Improving outcomes of gastrointestinal cancers with science
Both intrinsic and extrinsic factors underlie the aggressive behavior and hence poor prognosis of pancreatic (PDAC) and colon cancers (CRC). Intrinsically, PDAC cells are driven by strong oncogenic events including KRAS mutations and hyperactivation of the NF-kB transcription factors, which render PDAC cells highly metastatic and resistant to chemotherapy.
Extrinsically, the PDAC tumor microenvironment is highly fibrotic and rife with immune-suppressive myeloid cells. We recently found that PDAC cells “armored” themselves by activating the innate immune pathway, a self-defense mechanism that is normally summoned when cells are injured or invaded by microorganisms. PDAC cells frequently activate Interleukin-Receptor Associated Kinase 4 (IRAK4), the master switch that controls the innate immune signaling, to drive NF-kB activity and resist killing by chemotherapeutic agents. We found that patients whose tumors show upregulated IRAK4 activity have a much poorer survival, and we recently identified tumor-stromal IL-1b to be the source of IRAK4 activation in PDAC and stromal cells.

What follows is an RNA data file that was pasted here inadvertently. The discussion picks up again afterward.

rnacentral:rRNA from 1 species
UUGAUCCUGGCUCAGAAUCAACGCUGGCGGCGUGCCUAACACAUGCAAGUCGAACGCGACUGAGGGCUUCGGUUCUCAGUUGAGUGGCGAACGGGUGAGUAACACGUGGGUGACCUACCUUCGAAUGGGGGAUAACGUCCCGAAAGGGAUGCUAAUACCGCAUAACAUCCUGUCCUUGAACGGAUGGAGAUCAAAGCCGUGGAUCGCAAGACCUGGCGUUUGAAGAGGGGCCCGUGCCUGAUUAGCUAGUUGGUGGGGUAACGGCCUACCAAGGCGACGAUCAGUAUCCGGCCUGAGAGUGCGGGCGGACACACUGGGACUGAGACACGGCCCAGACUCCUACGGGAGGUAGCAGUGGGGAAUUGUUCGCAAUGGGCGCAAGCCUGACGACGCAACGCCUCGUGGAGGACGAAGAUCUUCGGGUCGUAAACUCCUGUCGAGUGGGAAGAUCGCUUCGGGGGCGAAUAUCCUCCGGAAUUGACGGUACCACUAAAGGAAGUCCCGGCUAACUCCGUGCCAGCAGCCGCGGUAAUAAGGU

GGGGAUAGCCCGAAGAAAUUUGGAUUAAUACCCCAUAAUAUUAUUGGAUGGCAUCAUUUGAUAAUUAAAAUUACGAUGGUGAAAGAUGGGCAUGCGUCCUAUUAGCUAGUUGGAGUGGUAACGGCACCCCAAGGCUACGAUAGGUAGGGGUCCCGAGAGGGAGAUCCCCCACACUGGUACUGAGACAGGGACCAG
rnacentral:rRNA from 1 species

Current lab projects
- Determining whether IRAK4 inhibition will render immunotherapy effective in PDAC and colon cancer cells. We use a combination of genetically-engineered mouse models (KPC and APC min mice) and transplantable cell lines in this study. We have also generated global and conditional IRAK4-null mice for this study.
- Understanding how IRAK4 signaling impacts KRAS-RAF-MEK-ERK signaling cascade.
- Determining the role of p38/MK2 pathway in survival of PDAC cells undergoing environmental and genotoxic stress, with the goal of developing novel therapeutic strategies
- Developing effective ERK-inhibitor based therapeutic strategies based on novel observations.
- Understanding the role of IRAK4 and interaction with gut microbes in CRC mouse models.
Our lab employs multiple approaches to address these research directions with the goal of developing novel therapeutic strategies that can improve patient outcome. Our lab is funded by the ACS and NIH, and we welcome all researchers/students who are interested in checking us out!